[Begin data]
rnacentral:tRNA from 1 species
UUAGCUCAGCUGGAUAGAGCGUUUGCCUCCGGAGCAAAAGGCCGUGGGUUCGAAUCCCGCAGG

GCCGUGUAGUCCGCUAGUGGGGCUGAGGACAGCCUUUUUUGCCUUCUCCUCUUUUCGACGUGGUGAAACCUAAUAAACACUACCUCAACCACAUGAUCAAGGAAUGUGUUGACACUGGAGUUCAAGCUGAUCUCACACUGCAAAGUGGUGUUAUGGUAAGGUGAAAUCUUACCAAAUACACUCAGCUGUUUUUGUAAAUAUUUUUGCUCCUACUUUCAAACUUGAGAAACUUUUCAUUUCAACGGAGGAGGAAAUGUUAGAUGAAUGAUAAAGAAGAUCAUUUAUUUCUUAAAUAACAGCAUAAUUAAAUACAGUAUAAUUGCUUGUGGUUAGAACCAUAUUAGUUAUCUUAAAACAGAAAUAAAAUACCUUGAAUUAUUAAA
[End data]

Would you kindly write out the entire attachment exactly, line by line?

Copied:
rnacentral:tRNA from 1 species
UUAGCUCAGCUGGAUAGAGCGUUUGCCUCCGGAGCAAAAGGCCGUGGGUUCGAAUCCCGCAGG

GCCGUGUAGUCCGCUAGUGGGGCUGAGGACAGCCUUUUUUGCCUUCUCCUCUUUUCGACGUGGUGAAACCUAAUAAACACUACCUCAACCACAUGAUCAAGGAAUGUGUUGACACUGGAGUUCAAGCUGAUCUCACACUGCAAAGUGGUGUUAUGGUAAGGUGAAAUCUUACCAAAUACACUCAGCUGUUUUUGUAAAUAUUUUUGCUCCUACUUUCAAACUUGAGAAACUUUUCAUUUCAACGGAGGAGGAAAUGUUAGAUGAAUGAUAAAGAAGAUCAUUUAUUUCUUAAAUAACAGCAUAAUUAAAUACAGUAUAAUUGCUUGUGGUUAGAACCAUAUUAGUUAUCUUAAAACAGAAAUAAAAUACCUUGAAUUAUUAAA